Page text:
Whitmer says she's spoken with Biden about infrastructure following flooding

Whitmer says she's spoken with Biden about infrastructure following flooding
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Michigan Gov. Gretchen WhitmerGretchen WhitmerGovernors brace for 2022 after year in pandemic spotlight Protesters crash former Detroit police chief's gubernatorial announcement event Former Detroit police chief launching gubernatorial campaign vs. Whitmer next week MORE (D) said Saturday that she has spoken with President BidenJoe BidenHouse Democrat threatens to vote against party's spending bill if HBCUs don't get more federal aid Overnight Defense & National Security — The Pentagon's deadly mistake Haitians stuck in Texas extend Biden's immigration woes MORE about infrastructure in the state following major flooding in the area at the end of June. 

Biden was in Michigan on Saturday, heading to Traverse City with the governor as a part of the White House’s “America’s Back Together” tour, which celebrates the progress the U.S. has made against the coronavirus pandemic. 

Vice President Harris traveled to Las Vegas the same day as a part of the tour.


“I'm the ‘fix the damn roads’ governor, so I talk infrastructure with everybody, including the president,” Whitmer told pool reporters.

"We haven't had a conversation about specific projects, but certainly with the incredible flooding that we suffered a week and a half ago, infrastructure is on everyone's mind. It's always on mine, but it's on everyone's mind," she continued.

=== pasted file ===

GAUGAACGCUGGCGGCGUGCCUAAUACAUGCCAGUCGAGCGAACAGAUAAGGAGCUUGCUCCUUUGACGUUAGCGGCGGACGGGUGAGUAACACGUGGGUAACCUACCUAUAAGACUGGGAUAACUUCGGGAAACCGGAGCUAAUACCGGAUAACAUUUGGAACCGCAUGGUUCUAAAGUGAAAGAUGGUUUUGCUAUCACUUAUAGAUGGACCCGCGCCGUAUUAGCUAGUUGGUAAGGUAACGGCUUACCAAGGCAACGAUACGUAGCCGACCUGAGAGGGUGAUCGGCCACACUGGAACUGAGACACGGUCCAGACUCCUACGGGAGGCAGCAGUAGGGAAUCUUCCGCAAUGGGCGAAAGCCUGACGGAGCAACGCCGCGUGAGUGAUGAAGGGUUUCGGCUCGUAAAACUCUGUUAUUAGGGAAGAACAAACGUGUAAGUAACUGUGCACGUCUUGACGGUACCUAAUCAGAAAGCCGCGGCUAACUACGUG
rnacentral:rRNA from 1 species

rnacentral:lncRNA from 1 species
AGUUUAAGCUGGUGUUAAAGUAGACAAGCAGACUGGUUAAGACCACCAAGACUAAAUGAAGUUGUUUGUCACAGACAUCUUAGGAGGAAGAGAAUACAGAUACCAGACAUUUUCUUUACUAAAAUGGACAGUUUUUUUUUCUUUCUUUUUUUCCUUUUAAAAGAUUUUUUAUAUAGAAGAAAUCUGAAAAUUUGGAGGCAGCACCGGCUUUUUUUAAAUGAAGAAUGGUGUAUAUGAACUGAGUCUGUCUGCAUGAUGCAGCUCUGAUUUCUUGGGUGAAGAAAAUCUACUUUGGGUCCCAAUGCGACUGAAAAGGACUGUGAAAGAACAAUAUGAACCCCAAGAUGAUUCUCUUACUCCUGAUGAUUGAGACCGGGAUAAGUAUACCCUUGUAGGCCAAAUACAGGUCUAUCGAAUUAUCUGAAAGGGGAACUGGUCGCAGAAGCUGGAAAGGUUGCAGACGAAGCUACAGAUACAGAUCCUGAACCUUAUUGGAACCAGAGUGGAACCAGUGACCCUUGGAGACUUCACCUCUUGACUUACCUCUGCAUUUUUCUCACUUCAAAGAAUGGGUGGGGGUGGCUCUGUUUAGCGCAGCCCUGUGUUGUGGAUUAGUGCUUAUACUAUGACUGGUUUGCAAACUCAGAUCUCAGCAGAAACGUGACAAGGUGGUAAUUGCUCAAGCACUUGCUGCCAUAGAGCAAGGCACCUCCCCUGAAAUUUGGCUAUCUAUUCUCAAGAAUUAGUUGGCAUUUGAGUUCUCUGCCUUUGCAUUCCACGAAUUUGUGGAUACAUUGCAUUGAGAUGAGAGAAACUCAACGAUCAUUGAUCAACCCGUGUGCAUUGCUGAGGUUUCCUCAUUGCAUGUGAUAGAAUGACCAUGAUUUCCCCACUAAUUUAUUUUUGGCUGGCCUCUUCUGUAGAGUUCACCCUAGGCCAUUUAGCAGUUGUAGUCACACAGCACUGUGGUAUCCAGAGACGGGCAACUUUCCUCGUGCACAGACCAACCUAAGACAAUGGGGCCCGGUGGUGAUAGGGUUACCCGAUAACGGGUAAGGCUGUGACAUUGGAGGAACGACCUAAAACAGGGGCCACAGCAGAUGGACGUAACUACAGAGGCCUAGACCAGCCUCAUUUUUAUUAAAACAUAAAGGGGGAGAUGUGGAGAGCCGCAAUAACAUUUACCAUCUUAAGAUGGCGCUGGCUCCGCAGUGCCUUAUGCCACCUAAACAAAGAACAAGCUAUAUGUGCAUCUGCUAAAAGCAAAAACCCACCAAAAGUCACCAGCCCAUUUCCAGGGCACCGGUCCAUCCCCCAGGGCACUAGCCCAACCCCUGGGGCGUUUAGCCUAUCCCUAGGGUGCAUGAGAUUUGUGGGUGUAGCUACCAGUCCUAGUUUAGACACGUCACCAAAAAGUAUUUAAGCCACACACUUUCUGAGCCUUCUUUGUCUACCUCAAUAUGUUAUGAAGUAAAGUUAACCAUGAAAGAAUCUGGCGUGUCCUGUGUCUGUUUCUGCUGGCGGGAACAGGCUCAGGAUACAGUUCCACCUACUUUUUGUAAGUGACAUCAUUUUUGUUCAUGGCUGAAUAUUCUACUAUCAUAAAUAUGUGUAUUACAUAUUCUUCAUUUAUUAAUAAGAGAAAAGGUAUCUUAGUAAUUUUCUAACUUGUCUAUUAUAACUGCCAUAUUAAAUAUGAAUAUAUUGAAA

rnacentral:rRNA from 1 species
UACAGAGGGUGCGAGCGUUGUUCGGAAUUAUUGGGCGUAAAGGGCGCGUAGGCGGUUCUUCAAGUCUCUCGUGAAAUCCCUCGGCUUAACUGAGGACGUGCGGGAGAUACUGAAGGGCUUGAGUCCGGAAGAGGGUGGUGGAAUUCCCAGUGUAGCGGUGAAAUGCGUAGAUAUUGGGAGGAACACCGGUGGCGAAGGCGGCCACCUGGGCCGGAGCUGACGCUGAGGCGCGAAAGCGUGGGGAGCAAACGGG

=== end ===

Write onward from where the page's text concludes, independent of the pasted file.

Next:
Whitmer declared a state of emergency in Wayne County on June 26 after heavy rainfall resulted in power outages and flooded roads and homes. Photos showed vehicles that had been abandoned.

Whitmer said Michigan saw "underinvested infrastructure collide with climate change" and that freeways were under water.

Biden's visit to Michigan comes more than a week after he and a bipartisan group of senators announced that they had reached a slimmed-down deal on infrastructure. The plan would allocate $1.2 trillion of spending over eight years and includes $579 billion in new spending.

The plan allocates $312 billion for transportation programs, including roads, bridges, airports and electric vehicle infrastructure. The remaining $266 billion would go to water infrastructure, broadband, environmental remediation, power infrastructure and other areas.